Journalists, writers, authors of books—and those aspiring to be! Ever wonder what it’s like to be a journalist for a daily newspaper? Ever think of self-publishing your own book, but wonder how?
Then attend “From The Post-Star to Self-Published: Four Journalists Talk About Their Books,” a panel discussion on journalism, writing, and self-publishing.
It will be at Crandall Public Library on Saturday, September 28, from 1:30 pm to 3:00 pm. It’s free.
Who’s on the panel? Four authors who have both written for The Post-Star and self-published their own books: David Blow, Michael DeMasi, Maury Thompson, and yours truly. We four are pleased to report that Bob Condon, City Editor of The Post-Star, will be the moderator. Bob was editor of each of us at various times, so you’ll get that dynamic of newspaper work. He is a wonderful editor.
What are we are going to cover? Bob will ask us to discuss how, when and why we self-published our books; what we learned about the process; and our advice for others who want to do the same thing.
Any other topics? Yes! Bob will lead discussion on the our experiences writing for newspapers; how journalism has changed over the years; advice for aspiring journalists; and predictions for the future of the newspaper industry.
Can the audience ask questions? Yes! There will be a Question & Answer period for the audience. We want your questions!
After the Q&A? Then we authors will hold a book signing for those interested in purchasing copies of our books.
Here’s some information on the authors:
David Blow is a 30-year, award winning journalist and 15-year Castleton University Media and Communication professor. Dave wrote for The Post-Star for 15 years before starting his career teaching at Castleton University in Vermont. He still contributes to The Post-Star. In recent years, he has won Associated Press first place awards for investigative reporting of both Whitehall’s Amish community and the impact locally of undocumented immigrants. He self-published his book, Blow by Blow: A Quarter Century of Voices from my Notebook.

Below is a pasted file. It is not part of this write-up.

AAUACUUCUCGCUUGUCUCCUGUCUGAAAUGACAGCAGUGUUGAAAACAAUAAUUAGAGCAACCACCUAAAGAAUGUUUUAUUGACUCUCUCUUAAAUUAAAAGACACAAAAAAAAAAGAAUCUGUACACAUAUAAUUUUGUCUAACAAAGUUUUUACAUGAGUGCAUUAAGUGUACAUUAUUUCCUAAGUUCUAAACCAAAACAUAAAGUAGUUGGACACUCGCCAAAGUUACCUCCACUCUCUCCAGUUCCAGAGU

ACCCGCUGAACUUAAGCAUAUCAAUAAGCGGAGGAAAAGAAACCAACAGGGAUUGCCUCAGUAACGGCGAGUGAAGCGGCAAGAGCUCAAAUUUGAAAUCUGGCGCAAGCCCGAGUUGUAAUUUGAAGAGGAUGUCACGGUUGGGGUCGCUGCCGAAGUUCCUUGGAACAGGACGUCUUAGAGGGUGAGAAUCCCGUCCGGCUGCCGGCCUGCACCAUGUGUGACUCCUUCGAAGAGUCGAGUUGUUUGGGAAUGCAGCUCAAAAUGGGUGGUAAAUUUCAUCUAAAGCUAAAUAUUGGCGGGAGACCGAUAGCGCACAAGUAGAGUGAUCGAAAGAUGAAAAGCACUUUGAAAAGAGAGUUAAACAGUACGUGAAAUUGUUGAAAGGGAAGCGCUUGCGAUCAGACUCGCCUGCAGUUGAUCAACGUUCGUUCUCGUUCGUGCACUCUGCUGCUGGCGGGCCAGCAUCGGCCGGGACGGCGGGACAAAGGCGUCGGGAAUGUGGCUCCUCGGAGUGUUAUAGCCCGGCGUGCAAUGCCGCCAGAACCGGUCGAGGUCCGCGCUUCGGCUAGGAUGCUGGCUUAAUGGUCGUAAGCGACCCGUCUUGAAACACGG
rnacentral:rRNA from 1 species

Michael DeMasi has been a newspaper reporter in the Greater Capital Region for more than 25 years. He started his career at The Post-Star writing feature stories and covering city hall, and then was a reporter at The Daily Gazette in Schenectady. Since 2005 Mike has reported for the Albany Business Review. He recently self-published What They Said: 25 Years of Telling Stories, a collection of his favorite stories about “CEOs, entrepreneurs, politicians, gadflies, artists, teachers, clergy, police, prisoners,” and more.
Maury Thompson was a reporter and columnist for The Post-Star for 21 years before he retired in September 2017 to pursue an “encore career” as a free-lance writer specializing in the history of politics, labor organizing and media in New York’s North County. Maury still contributes to The Post-Star. A published author of two books, his most recent is his The Animated Feather Duster: Slow News Day Tales of the Legendary Facial Hair of Charles Evans Hughes, self-published in 2018. He is now working on a documentary about Hughes.
Joseph Cutshall-King first wrote a local history column for The Post-Star from 1975 to 1985, as Director of the Chapman Historical Museum. I returned to The Post-Star from 1994 to 2003 with “Over My Shoulder,” a weekly column of regional history, commentary and personal reminiscences. In the late 1990s, I was also a Post-Star correspondent. Since retirement in 2012, as SUNY Adirondack‘s VP for Institutional Advancement, I’ve dedicated myself to writing. The author of six books, most recently I self-published Over My Shoulder: A Collection of “Over My Shoulder” and “Passed Times” Columns published in The Post-Star from 1994-2003; Volume 1: 1994-1997.
For more information on “From The Post-Star to Self-Published: Four Journalists Talk About Their Books,” visit the Crandall Public Library website.
See you there!